Nearly every sitcom since the beginning of television has had an episode about one of the main characters “throwing their back out.” They do this because producers are smart: they know that it will be funny, not just because of the skill of the writers or the actors, but because it is something so many people can identify with. If it has not happened to you, then, just wait.

We may not think about back pain too much when we are younger, but, as we age, or after our first experience with it, the slightest twinge can have us breaking out into a sweat, as we wait for that initial spasm that often announces the beginning of days, weeks or longer of pain and restricted movement. Back pain, especially lower back pain, is very common. It is second only to upper-respiratory infections for being the top reason for visits to the doctor, and it is estimated that 80 percent of all adults will experience low back pain at some point. It also has the dubious honor of ranking number one as the leading cause of job-related disability.

Why is the lower back so susceptible to injury? According to Ravneet “Sona” Bhullar, director of the Division of Chronic Pain Management at Albany Medical Center and assistant professor of anesthesiology at Albany Medical College, “The low back is particularly vulnerable as it is subject to significant stress, mechanical strain and helps to support the weight of the entire upper part of the body.”

Lower back pain, like other types of pain, falls into two basic categories:

  • Acute – acute lower back pain is short term, normally lasting for a few days or up to several weeks and there is usually an identified precipitating event.
  • Chronic – chronic lower back pain describes pain that persists for more than six weeks, may fluctuate in level of pain, flaring up and returning to a lesser amount, but not does go away. The cause for chronic lower back pain may not be known.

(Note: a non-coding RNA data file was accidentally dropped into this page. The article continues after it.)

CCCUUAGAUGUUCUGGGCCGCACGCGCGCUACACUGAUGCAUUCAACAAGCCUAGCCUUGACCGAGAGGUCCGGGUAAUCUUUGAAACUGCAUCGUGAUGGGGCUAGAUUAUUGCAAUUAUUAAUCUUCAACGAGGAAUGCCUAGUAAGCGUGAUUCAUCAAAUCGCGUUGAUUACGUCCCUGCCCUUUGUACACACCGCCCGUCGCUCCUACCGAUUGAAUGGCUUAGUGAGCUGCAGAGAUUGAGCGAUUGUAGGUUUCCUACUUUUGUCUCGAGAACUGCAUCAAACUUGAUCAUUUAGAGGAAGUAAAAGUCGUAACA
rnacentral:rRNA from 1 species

There is really nothing good about having back pain. There is, however, a light at the end of this uncomfortable and inconvenient tunnel. Treatment options have changed and for the better. While surgery is still done for the most severe cases that do not respond to other methods, it is at the far bottom of the list. Heavy-duty pain medication, specifically dangerous opiates, are no longer in favor for treating back pain, either. The harm caused by the rampant epidemic of these over-prescribed drugs, aside, research is showing that they are not even as effective as once believed in reducing pain.

Your doctor will usually begin by advising over the counter medications to help with the pain and relax the muscles, coupled with heat or ice. Bed rest and prolonged inactivity is not advised and can extend healing time. If the pain persists, the next step will likely come from an increasingly long list of options. Some of the most common, include:

  • Physical therapy
  • Exercise programs
  • Mindfulness-based stress reduction
  • Massage
  • Acupuncture
  • Steroid injection therapy
  • Yoga

In the event that you are not one of the 20 percent who never experience lower back pain, keep in mind that, while it may be painful, it will likely heal on its own. That said, if there was a significant blow that might possibly have created a fracture, if the pain persists more than a few days or you experience numbness or incontinence, make sure you consult with your healthcare professional right away.